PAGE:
Enquiries: events@ibby.org.uk

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Promoting Reading in the Digital Age: Blandford, Dorset, 6 November 2018

Our course Promoting Reading in the Digital Age, run by Bev Humphrey, will be held at Bryanston School, Blandford, Dorset DT11 0PX on 6 November 2018.

Run many times in the past with excellent feedback on each occasion, this course focusses on ways to encourage reluctant readers, build reading stamina and make reading 'cool' by using exciting online resources and apps to create a buzz around books in your school. All resources shown are provided in a handout to keep, with great video content, fantastic display suggestions and motivating electronic ideas you can use to really get pupils switched on to reading for pleasure.  Advice on how to use ebooks, QR codes and take part in live author events included.

The closing date is 22 October 2018. Bookings received by 9 October 2018 are eligible for a £15 discount.

Key Audience: primary and secondary school library staff

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Second School Librarian Finalist Profile: Dr Chhavi Jain

SLA School Librarian of the Year Award 2018: Honour Librarian Profile

Dr. Chhavi Jain
Manav Rachna International School (Gurugram), New Delhi


Dr. Chhavi Jain is only the second librarian ever from outside the British Isles to have made it onto the Honour List for School Librarian of the Year. For the past 18 months Dr. Jain has worked tirelessly at Manav Rachna International School (Gurugram) outside New Dehli in India, supporting 1,100 children from 6–17 years and over 200 staff. She is responsible not only for a large multilingual library (including both digital and physical stock in English, Hindi, French and Spanish) which features a separate audio-visual suite and a large number of computers, but also for an adjoining makerspace.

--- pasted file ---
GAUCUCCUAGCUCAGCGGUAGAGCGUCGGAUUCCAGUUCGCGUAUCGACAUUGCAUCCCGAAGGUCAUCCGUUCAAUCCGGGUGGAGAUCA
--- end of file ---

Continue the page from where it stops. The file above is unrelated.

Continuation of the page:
Dr. Jain originally studied Librarianship and Information Science at Annamalai University, Chennai, and last year completed a PhD in digital librarianship. She regularly presents and publishes research papers both in India and internationally, tirelessly promoting the value of school libraries in a country where they are generally under-valued. Dr. Jain recently received the Jean Lowrie Leadership Development Award from the International Association of School Librarianship.